Mali And Me

ONE thing about elephants that’s hard to forget. They are pretty big.

That, hopefully, will come in handy when trying to frame them in focus somewhere in the middle of a photo at some point in the next nine months, but when they are lingering in the corner of the room, it makes them pretty difficult to ignore (which also holds true about the pile of kit which has been growing in the corner of my flat).

As mentioned in a previous post, the elephant in the room for our Trans Africa overland adventure over the past few months has been Ebola.

And no longer can it – or the fairly constant questions about it – be ignored.

In the end, it was not any threat of the disease which forced a bit of a diversion around the affected countries in West Africa, but practicalities stemming from steps being taken to contain it.

Nala
Nala

Oasis Overland have been tracking the elephant over the last few months and after consulting, among others, the World Health Organisation, African Travel and Tourism Association and the Foreign and Commonwealth Office, they have taken the decision to turn east from Senegal rather than continuing south around the coast.

Instead of heading straight through Liberia, Guinea and Sierra Leone – the worst affected countries – the new route takes us through southern Mali (and possibly a bit of Burkina Faso) before heading back towards the coast and the original route in Cote d’Ivoire.

Overland trips have to adapt and it is all part of the adventure, but it is nothing new for Oasis. They can explain.

“Ebola is bringing many challenges, and as a group we need to be prepared that elements of the trip may need to change or be amended,” read our e-mail from Natalie at Oasis HQ, who has been keeping us informed, steering us in the right direction and answering any number of questions over the past few months. “It is still two months until we get close to the areas that have been affected and we will continue to monitor the situation.

“Mali is a country we know well from past trips, your drivers have been to before and visas are easy to obtain on route.  I should stress that the decision to travel via Mali is based primarily on us needing to avoid border closures rather than the chance of contracting Ebola.

Our tour leader Joe checking out tents and, below, stocking up the truck
Our tour leader Joe checking out our tents and, below, stocking up the truck

Created with Nokia Smart Cam“It is a hard disease to catch. However, we will be putting extra steps in place to ensure good hygiene standards on board the truck.

 “The route through Mali is not a new one for us.  We travelled this way for many years up until two years ago and in the past our groups have really enjoyed Mali.  As with our past expeditions, this is all part of the nature of a Trans Africa trip.”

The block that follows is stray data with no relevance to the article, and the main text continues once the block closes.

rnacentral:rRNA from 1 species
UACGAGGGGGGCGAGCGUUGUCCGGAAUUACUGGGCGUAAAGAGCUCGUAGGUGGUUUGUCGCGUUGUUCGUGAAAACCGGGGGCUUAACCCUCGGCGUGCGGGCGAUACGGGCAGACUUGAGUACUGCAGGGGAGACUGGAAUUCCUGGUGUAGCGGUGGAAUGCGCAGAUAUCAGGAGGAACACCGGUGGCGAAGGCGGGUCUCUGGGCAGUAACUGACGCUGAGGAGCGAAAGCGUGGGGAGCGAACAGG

The debate about how to deal with Ebola has not been the only thing keeping Oasis busy over the past few weeks.

On my visit to their base to drop off bulkier bits of kit a few weeks ago, our truck Nala – evidently the name of the animated love interest in The Lion King, but also the name of one of my sister’s Labrador’s mates – was undergoing a touch of paint and bit of TLC.

It has been stocked up, our tents tended and checked and our tour leader Joe has been wading through a pile of paperwork and the plans for the next nine months, taking a quick break to write about his preparations, before Nala and crew headed off to Gibraltar tonight. We fly out to meet it on the rock next Tuesday.

Preparations here have stepped up a few gears since the countdown to leaving work reached zero and there was finally time to crack on with the jobs which had been multiplying for months.

And, with one or two minor exceptions, the to-do lists for the trip itself are pretty much done – dutifully maintained, drawn up and written up each night, only to be immediately altered early the next day to accommodate my failure to get up as early as planned.

Visas are sorted (Ghana in the passport with pre-approval registration for Senegal), all jabs complete, malaria tablets collected, rucksack repaired, farewells said (and toasted) and piles of kit and clothes bought (some of it planned), dug out from storage and currently filling up the sofa and its surrounds in the front room of my flat.

The one major job for the trip left – before packing up my flat, bidding farewell to my car after 12 years and finding time to say a few more goodbyes, write a few more posts and learn how some of the new bits of tech work together – is to pack and one glance at those piles suggests my reputation for over packing is well deserved.

All (well, most) of this has to fit in one rucksack and a shoulder bag. Meanwhile, there's only the chair by desk to sit on...
All (well, most) of this has to fit in one rucksack and a shoulder bag. Meanwhile, there’s only the chair by my desk to sit on…

But it isn’t all going into those bags, those piles are everything that could go, not everything that will go.

There’s decisions to be made – old shorts, new shorts or both?; an old fleece which can be discarded after some cold early nights or the one which zips inside my waterproof and is more convenient, but not as warm?; iPad as well as MacBook Air? Whatever the answers (and the iPad decision is becoming easier due to the negative impact the latest update has had on it), it’s going to be a complicated process.

Suggest getting up on time to allow all of the morning allowed for packing on the to-do list.

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